Snow Removal Safety Tips
Before you start shoveling and scrapping the ice off your windshield, Dr. Gibson at RTP Chiropractic in Morrisville cautions you to consider the possible consequences: upper or lower back strain, neck strain and pain in the shoulders.
Just as playing football or golf can injure your body, the twisting, turning, bending and reaching of shoveling can also cause injury if your body is unprepared. Like an athlete, if you leap into something without warming up or knowing how to do it properly, the chances of injury increase. To prevent unnecessary strain and pain, consider these simple tips before you get started:
-Wear supportive shoes. Good foot and arch support can prevent some back strain. But also make sure they have a good sole just in case you step on a patch of ice.
-Stand as straight as possible, and keep your head up as you shovel.
When it’s still chilly outside, avoid the cold or layer up.
-When shoveling, use a “scissors” stance: right foot forward and left foot back for a few minutes, then reverse, putting your left foot forward and right foot back.
-Bend at the knees, not the waist, as you pick up the shovel full of snow. Make the piles small to decrease the possibility of back strain.
Wear a hat, shoes and protective glasses to help avoid glare from the sun. To avoid blisters, try wearing gloves.
-Drink lots of water before and after your work.
-Take frequent breaks from the activity of the day. Muscle fatigue may be felt when using any of these devices for an extended period of time.
If you are using a snow blower, wear hearing protection.
While it is critical to operate yard equipment safely, it is equally important to prepare your body for the work you are about to do. To help avoid injury, be sure to include a warm-up/cool-down period that involves stretching. Breathe in and out slowly throughout each stretching exercise until the muscle is stretched to its furthest point. At that point, hold your breath in; when you relax, breathe out. Stretch gently and smoothly. Do not bounce or jerk your body in any way and stretch as far as you can comfortably. You should not feel pain. Get the most out of the time you spend in the yard with these stretches:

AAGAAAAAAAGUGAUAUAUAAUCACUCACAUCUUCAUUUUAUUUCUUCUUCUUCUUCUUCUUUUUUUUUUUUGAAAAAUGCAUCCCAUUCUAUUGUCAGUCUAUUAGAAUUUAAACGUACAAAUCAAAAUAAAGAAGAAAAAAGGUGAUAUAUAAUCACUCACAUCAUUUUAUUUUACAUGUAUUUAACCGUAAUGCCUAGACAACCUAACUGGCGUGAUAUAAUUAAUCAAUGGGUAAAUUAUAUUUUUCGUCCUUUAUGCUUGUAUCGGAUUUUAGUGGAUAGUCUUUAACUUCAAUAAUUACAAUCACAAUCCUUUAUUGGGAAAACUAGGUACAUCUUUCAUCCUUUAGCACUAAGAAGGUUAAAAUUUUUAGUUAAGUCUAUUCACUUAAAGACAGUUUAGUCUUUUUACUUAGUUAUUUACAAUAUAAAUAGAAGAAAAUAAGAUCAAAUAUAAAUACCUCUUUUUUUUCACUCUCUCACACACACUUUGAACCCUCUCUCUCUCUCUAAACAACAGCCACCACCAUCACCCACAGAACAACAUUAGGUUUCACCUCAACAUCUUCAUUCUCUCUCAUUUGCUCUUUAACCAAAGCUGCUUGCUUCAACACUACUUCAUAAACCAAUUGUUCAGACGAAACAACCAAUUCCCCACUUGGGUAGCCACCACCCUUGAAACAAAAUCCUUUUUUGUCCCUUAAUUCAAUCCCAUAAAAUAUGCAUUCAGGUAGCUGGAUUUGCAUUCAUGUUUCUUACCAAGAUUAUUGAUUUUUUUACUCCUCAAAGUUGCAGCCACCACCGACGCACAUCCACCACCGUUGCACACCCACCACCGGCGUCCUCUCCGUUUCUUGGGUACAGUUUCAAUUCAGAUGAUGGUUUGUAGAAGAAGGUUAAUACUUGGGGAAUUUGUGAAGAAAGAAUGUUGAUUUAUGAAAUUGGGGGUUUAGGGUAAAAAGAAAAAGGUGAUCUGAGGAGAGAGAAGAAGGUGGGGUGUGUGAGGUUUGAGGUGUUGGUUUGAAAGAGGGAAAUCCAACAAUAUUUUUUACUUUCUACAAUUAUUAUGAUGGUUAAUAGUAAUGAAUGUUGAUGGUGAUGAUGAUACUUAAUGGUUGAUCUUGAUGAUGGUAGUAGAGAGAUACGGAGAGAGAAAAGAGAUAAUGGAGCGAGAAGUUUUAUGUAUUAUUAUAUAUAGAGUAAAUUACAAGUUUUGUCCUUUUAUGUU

Stand up and prop your heel on a back door step or stool with your knee slightly bent. Bend forward until you feel a slight pull at the back of the thigh, called the hamstring. You may need to stabilize yourself by holding on to a garage door handle or sturdy tree branch. Hold the position for 20 seconds, then relax. Do it once more, and then repeat with the other leg.
Stand up and put your right hand against a wall or other stable surface. Bend your left knee and grab your ankle with your left hand. Pull your heel toward your buttocks to stretch your quadriceps muscles at the front of your thigh. Hold that position for 20 seconds, relax and do it again. Repeat with the other leg.
Weave your fingers together above your head with your palms up. Lean to one side for 10 seconds to stretch the side of your upper body, then reverse. Repeat two or three times.
“Hug your best friend”- Wrap your arms around yourself after letting your breath out and rotate to one side as far as you can go. Hold for 10 seconds; then reverse. Repeat two or three times.
Chiropractic Care Can Help
If you experience pain or discomfort following yard work, contact a doctor of chiropractic. Dr. Gibson at RTP Chiropractic in Morrisville NC is trained and licensed to treat the musculoskeletal system and can also help you lead a healthier life by focusing on wellness and prevention.